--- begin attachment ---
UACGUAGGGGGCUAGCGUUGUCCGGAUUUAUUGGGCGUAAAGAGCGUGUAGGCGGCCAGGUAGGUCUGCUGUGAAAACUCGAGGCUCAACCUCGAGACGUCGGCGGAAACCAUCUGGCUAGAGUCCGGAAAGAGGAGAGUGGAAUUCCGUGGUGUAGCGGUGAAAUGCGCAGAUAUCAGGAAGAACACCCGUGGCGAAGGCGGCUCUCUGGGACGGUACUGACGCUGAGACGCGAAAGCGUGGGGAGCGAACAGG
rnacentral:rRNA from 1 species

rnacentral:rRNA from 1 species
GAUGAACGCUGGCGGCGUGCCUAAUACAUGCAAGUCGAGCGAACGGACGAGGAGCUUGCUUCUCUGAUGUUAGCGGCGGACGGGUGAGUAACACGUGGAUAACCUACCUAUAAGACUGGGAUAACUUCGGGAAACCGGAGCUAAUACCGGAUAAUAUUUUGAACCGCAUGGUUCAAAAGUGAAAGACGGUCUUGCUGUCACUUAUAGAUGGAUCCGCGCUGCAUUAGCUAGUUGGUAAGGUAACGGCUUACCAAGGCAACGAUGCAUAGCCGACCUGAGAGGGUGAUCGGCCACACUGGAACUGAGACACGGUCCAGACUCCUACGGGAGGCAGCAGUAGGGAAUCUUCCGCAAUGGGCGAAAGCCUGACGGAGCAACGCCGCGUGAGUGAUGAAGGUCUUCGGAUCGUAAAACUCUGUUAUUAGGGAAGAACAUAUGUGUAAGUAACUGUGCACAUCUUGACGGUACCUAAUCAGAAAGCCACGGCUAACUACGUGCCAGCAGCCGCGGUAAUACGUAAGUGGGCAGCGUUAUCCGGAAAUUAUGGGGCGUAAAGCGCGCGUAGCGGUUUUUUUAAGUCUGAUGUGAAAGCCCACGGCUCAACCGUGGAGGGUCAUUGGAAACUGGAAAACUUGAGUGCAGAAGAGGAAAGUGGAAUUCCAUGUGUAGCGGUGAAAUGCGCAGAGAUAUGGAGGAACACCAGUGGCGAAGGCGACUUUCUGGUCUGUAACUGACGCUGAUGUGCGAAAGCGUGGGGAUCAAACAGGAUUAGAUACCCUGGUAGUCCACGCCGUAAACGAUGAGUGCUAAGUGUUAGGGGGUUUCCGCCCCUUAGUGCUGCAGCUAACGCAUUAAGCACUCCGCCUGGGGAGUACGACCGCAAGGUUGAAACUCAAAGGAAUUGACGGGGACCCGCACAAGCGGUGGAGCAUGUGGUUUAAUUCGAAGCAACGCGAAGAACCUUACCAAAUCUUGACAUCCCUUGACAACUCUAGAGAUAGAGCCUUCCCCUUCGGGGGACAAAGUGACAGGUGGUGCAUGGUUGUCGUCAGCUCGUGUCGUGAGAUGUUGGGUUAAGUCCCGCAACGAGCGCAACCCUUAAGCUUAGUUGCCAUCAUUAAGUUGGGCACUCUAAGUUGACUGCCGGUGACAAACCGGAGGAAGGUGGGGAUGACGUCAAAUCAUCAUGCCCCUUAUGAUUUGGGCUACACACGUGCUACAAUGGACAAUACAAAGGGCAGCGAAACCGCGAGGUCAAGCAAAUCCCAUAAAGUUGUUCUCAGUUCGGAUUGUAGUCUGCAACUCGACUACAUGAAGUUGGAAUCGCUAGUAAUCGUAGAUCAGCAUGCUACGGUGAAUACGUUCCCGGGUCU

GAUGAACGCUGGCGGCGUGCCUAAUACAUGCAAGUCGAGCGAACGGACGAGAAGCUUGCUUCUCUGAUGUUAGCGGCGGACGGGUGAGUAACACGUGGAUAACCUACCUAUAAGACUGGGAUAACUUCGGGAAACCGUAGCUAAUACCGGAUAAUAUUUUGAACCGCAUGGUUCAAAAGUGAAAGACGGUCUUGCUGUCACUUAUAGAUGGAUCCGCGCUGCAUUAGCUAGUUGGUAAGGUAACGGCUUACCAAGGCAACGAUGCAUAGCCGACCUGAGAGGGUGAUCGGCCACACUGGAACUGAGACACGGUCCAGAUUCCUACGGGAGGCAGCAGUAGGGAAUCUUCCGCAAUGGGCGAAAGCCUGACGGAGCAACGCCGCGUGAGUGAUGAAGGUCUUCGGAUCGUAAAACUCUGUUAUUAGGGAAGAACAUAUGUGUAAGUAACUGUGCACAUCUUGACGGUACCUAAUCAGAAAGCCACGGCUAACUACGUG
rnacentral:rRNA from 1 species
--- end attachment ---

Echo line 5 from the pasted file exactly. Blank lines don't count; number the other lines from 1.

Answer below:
GAUGAACGCUGGCGGCGUGCCUAAUACAUGCAAGUCGAGCGAACGGACGAGAAGCUUGCUUCUCUGAUGUUAGCGGCGGACGGGUGAGUAACACGUGGAUAACCUACCUAUAAGACUGGGAUAACUUCGGGAAACCGUAGCUAAUACCGGAUAAUAUUUUGAACCGCAUGGUUCAAAAGUGAAAGACGGUCUUGCUGUCACUUAUAGAUGGAUCCGCGCUGCAUUAGCUAGUUGGUAAGGUAACGGCUUACCAAGGCAACGAUGCAUAGCCGACCUGAGAGGGUGAUCGGCCACACUGGAACUGAGACACGGUCCAGAUUCCUACGGGAGGCAGCAGUAGGGAAUCUUCCGCAAUGGGCGAAAGCCUGACGGAGCAACGCCGCGUGAGUGAUGAAGGUCUUCGGAUCGUAAAACUCUGUUAUUAGGGAAGAACAUAUGUGUAAGUAACUGUGCACAUCUUGACGGUACCUAAUCAGAAAGCCACGGCUAACUACGUG